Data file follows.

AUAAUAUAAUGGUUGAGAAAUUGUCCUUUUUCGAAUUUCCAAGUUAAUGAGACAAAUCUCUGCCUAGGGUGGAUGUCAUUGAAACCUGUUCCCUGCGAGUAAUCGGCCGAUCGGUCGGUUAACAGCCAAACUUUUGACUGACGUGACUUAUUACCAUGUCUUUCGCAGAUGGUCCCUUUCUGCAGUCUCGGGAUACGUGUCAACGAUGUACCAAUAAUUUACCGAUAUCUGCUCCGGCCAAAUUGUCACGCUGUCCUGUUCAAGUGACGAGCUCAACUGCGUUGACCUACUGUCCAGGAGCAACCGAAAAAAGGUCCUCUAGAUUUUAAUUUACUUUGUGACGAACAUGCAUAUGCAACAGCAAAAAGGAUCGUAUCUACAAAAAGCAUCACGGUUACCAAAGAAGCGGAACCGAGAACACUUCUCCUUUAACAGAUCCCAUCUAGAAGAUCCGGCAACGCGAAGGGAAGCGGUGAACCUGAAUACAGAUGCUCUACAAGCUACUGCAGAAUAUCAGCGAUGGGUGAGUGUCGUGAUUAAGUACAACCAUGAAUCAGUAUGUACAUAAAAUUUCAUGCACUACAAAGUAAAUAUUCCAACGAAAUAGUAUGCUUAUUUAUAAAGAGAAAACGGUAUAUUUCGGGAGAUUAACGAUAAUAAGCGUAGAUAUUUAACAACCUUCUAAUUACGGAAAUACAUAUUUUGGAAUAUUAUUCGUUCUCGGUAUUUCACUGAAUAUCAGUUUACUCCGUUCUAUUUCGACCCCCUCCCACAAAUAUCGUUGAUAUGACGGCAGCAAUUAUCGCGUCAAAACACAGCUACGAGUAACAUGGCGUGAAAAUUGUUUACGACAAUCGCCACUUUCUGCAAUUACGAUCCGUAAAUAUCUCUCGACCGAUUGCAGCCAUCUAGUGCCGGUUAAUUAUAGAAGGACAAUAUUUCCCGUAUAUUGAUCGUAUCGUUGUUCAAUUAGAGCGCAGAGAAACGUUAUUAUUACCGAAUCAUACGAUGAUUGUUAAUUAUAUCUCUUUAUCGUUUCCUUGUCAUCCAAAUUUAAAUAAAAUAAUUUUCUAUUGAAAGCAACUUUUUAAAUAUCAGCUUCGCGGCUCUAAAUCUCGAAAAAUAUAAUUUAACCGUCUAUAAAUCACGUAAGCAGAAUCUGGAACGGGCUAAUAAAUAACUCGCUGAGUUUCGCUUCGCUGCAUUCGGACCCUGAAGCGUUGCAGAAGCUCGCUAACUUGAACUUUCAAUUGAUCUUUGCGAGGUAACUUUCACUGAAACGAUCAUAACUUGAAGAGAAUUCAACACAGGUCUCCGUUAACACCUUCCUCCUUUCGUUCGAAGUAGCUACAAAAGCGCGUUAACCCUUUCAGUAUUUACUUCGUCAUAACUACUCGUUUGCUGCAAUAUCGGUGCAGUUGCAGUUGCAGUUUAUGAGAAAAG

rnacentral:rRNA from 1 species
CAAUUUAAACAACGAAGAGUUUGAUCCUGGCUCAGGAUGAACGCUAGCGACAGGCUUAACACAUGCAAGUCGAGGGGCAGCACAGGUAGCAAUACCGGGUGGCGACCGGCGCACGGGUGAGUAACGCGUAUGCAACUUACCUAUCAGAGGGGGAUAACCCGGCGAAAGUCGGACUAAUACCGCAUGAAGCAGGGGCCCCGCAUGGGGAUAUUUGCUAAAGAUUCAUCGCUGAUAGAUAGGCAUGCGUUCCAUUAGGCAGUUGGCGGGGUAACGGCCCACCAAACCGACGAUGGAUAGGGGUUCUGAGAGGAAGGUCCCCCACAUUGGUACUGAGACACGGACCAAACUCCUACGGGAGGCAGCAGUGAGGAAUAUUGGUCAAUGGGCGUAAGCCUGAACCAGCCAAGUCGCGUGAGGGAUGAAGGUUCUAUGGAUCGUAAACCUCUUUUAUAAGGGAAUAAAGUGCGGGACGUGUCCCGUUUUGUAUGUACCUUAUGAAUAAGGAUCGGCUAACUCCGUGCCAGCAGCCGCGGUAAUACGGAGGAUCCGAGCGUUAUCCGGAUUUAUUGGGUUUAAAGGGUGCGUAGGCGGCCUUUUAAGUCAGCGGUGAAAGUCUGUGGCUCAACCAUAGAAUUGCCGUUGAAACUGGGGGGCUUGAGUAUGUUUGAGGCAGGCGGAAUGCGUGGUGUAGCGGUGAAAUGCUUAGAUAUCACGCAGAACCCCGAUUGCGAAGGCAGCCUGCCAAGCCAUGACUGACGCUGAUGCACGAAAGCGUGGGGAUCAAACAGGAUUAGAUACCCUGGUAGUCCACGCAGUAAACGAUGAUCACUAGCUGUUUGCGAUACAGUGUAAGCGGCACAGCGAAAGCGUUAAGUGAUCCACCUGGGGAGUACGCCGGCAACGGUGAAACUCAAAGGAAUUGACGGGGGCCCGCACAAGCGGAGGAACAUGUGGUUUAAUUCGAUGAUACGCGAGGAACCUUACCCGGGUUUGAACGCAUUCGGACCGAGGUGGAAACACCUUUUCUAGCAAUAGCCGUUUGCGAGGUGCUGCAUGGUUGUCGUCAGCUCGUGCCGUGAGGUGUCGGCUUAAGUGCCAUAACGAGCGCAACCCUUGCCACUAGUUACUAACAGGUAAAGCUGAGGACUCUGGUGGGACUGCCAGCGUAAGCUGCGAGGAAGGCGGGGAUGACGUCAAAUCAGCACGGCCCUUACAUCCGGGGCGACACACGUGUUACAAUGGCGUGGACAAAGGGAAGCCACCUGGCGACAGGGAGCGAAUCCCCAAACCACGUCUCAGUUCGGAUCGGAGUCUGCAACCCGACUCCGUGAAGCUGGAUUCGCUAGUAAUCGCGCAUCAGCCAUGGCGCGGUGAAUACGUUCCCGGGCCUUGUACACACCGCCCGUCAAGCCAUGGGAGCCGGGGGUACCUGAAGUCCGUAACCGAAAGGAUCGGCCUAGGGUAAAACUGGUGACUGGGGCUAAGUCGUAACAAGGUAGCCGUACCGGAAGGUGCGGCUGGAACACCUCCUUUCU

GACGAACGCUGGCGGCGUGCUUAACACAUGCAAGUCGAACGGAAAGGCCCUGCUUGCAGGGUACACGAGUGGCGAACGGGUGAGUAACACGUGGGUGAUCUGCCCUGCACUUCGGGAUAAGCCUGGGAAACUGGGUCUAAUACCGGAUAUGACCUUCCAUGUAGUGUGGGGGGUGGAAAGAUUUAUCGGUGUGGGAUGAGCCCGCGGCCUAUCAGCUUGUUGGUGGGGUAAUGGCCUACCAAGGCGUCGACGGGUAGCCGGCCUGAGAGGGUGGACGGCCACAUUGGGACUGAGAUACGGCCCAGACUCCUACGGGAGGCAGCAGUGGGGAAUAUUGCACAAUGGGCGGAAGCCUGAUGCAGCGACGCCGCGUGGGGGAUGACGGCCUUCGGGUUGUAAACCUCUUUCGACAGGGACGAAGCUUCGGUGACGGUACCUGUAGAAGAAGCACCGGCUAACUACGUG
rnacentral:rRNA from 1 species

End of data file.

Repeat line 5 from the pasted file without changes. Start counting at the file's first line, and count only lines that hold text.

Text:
rnacentral:rRNA from 1 species